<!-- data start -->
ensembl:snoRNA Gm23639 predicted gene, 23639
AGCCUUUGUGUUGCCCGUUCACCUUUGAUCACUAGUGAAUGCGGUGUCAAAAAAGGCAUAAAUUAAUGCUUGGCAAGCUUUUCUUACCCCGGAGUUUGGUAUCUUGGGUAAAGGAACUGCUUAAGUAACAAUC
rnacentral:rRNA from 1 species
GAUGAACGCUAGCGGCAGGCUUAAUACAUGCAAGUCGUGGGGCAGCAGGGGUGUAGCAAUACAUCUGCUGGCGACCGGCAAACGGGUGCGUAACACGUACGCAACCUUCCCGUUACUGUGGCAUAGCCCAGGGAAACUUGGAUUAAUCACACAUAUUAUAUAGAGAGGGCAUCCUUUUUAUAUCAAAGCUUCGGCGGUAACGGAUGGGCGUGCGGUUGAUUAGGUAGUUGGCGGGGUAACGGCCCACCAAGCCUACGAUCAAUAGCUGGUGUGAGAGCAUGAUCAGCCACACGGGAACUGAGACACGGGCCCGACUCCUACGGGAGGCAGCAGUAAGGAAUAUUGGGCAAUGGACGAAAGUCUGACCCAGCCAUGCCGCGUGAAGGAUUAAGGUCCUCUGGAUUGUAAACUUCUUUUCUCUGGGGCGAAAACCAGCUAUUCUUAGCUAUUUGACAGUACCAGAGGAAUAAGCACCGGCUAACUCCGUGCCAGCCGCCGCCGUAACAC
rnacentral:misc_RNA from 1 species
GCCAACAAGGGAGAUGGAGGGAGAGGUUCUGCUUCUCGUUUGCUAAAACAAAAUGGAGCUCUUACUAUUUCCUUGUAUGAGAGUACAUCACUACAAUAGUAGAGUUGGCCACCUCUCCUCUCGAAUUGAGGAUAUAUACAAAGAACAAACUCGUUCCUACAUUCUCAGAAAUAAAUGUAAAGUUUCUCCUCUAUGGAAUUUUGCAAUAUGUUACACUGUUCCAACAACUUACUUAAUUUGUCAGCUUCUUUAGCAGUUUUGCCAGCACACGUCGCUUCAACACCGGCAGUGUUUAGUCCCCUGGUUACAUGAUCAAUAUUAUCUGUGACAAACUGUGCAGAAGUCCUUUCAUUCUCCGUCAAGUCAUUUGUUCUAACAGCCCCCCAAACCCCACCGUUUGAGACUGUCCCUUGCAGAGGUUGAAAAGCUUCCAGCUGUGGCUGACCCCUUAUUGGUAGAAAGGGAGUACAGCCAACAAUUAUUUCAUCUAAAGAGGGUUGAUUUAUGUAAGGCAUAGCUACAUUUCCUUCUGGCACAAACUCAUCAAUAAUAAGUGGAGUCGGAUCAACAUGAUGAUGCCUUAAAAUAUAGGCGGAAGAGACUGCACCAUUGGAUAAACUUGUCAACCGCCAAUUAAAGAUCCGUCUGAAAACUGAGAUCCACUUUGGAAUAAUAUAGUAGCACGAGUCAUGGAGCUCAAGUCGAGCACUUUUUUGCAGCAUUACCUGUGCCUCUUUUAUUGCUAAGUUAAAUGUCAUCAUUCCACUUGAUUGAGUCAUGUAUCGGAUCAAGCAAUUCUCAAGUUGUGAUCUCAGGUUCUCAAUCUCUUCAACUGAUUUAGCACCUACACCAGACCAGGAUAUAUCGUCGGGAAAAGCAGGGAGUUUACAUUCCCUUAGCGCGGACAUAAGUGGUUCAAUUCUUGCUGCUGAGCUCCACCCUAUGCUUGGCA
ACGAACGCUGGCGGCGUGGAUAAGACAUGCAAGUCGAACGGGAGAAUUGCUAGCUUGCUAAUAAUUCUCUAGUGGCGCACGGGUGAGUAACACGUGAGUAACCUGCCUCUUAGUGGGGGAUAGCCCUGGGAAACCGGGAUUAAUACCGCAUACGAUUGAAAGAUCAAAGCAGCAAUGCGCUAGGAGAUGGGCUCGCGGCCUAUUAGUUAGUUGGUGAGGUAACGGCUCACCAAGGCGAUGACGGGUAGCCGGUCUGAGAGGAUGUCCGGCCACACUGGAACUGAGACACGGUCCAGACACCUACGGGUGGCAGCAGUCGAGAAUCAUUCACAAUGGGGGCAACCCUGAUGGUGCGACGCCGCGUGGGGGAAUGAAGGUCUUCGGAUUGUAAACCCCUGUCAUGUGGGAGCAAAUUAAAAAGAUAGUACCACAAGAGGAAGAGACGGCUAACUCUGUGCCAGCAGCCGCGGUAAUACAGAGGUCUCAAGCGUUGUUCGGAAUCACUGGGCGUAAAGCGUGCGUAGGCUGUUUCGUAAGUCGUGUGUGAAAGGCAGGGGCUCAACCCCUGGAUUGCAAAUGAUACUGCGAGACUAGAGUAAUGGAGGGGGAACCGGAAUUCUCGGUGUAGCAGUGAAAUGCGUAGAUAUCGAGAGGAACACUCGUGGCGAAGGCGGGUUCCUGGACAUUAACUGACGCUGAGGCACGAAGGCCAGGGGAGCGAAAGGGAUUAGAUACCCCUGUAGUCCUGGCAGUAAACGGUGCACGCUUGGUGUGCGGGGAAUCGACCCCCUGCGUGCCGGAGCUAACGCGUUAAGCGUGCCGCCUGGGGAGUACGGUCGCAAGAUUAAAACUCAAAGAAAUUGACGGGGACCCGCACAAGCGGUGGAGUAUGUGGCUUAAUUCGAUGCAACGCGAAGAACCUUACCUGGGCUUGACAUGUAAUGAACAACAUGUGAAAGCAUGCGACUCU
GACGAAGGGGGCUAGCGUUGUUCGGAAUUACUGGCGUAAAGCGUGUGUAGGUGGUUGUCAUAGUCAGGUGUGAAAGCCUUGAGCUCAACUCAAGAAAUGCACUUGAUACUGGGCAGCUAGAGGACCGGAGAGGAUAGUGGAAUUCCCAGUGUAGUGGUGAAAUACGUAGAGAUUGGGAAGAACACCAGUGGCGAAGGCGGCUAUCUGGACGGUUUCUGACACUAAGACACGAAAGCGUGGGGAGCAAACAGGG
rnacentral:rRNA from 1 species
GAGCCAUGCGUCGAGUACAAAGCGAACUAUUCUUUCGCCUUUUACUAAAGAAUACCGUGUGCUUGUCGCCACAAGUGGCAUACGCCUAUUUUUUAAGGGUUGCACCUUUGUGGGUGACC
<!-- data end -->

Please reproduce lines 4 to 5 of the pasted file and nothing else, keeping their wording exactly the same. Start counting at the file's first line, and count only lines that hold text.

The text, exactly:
GAUGAACGCUAGCGGCAGGCUUAAUACAUGCAAGUCGUGGGGCAGCAGGGGUGUAGCAAUACAUCUGCUGGCGACCGGCAAACGGGUGCGUAACACGUACGCAACCUUCCCGUUACUGUGGCAUAGCCCAGGGAAACUUGGAUUAAUCACACAUAUUAUAUAGAGAGGGCAUCCUUUUUAUAUCAAAGCUUCGGCGGUAACGGAUGGGCGUGCGGUUGAUUAGGUAGUUGGCGGGGUAACGGCCCACCAAGCCUACGAUCAAUAGCUGGUGUGAGAGCAUGAUCAGCCACACGGGAACUGAGACACGGGCCCGACUCCUACGGGAGGCAGCAGUAAGGAAUAUUGGGCAAUGGACGAAAGUCUGACCCAGCCAUGCCGCGUGAAGGAUUAAGGUCCUCUGGAUUGUAAACUUCUUUUCUCUGGGGCGAAAACCAGCUAUUCUUAGCUAUUUGACAGUACCAGAGGAAUAAGCACCGGCUAACUCCGUGCCAGCCGCCGCCGUAACAC
rnacentral:misc_RNA from 1 species